As We Wait

Their duty in Galilee was to wait for the Saviour, not to return to the old life; but they went a-fishing in their own wisdom, and caught nothing. They went back from the exalted mission of being fishers of men to fishers of fish. They turned from the service of Christ to the service of self. And the service of self proved, as it always proves, fruitless. The great two-fold lesson of the narrative is that apart from Christ man can do nothing, and following Christ’s command always brings success. Fishing themselves for themselves, there was no success; fishing in the same sea, by the same boat, in the same place, at the command of Christ, there was success. Oh, that the servants of God would but heed the Master’s teaching, simple and unreasonable though it seems!  – Milton C. Wilcox – Signs of the Times


Matthew 28:19-20: Go therefore and make disciples of all the nations, baptizing them in the name of the Father and of the Son and of the Holy Spirit, teaching them to observe all things that I have commanded you; and lo, I am with you always, even to the end of the age.” Amen.

“In the command to disciple, teach and baptize we find that there is a relational component to evangelism (discipling), intentional instruction in righteousness (teaching), and that the end result is to bring them to the water to be baptized and join God’s church. There is no preference towards discipling, no high calling in teaching, and no blessing in baptism alone—each of these elements is important, necessary and inextricably linked. The church that goes about discipling without any intention of teaching clear doctrine, does not fulfill this command. The same is true for the church that only baptizes or the church whose whole focus is doctrinal teaching. In fact, you can’t even say you’re obeying this command if you do two of these three.”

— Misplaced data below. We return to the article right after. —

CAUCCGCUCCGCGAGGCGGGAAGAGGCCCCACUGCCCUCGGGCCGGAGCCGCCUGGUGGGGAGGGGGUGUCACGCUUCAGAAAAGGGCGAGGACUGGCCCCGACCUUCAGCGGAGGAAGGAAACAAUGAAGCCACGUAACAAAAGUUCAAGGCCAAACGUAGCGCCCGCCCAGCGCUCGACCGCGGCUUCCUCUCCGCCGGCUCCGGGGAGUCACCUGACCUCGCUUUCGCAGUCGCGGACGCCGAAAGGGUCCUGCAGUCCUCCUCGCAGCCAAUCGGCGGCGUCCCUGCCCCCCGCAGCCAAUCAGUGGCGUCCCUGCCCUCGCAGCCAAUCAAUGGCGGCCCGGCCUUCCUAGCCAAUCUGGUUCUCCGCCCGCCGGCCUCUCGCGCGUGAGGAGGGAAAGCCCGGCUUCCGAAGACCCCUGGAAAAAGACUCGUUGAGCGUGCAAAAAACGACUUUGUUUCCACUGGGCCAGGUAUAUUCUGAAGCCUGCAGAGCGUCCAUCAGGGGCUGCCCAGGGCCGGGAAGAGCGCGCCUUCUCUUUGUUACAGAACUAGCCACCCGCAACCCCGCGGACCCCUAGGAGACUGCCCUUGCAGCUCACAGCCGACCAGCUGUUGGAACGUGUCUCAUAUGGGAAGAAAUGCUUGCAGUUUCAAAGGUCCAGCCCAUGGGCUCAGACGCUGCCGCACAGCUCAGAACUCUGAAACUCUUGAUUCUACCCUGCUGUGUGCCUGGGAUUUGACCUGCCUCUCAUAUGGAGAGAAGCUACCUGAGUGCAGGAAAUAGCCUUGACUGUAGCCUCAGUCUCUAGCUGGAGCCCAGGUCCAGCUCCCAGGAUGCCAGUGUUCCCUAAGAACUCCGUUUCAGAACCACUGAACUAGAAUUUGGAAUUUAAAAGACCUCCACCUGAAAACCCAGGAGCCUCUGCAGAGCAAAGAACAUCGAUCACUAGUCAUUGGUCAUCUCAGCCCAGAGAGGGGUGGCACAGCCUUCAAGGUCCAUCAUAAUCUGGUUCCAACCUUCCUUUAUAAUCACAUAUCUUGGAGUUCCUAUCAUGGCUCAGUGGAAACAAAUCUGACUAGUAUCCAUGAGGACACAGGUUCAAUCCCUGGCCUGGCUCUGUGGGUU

Guest Article Excerpt from Jason Wolf – Director, Northwest Mission Institute.

Close Beside Us

Jesus said, “There was a certain rich man who was splendidly clothed in purple and fine linen and who lived each day in luxury.  At his gate lay a poor man named Lazarus who was covered with sores. – Luke 16:19-20. 

There are today close beside us many who are hungry, naked, and homeless. A neglect to impart of our means to these needy, suffering ones places upon us a burden of guilt which we shall one day fear to meet. All covetousness is condemned as idolatry. All selfish indulgence is an offense in God’s sight. – COL 261.3.

Have you used of your means to ease the burden of someone who is less fortunate than yourself? Have you extended the grace that has been extended to you? Open your heart and let the Holy Spirit lead you to someone who is “at your gate”, or “close beside you.”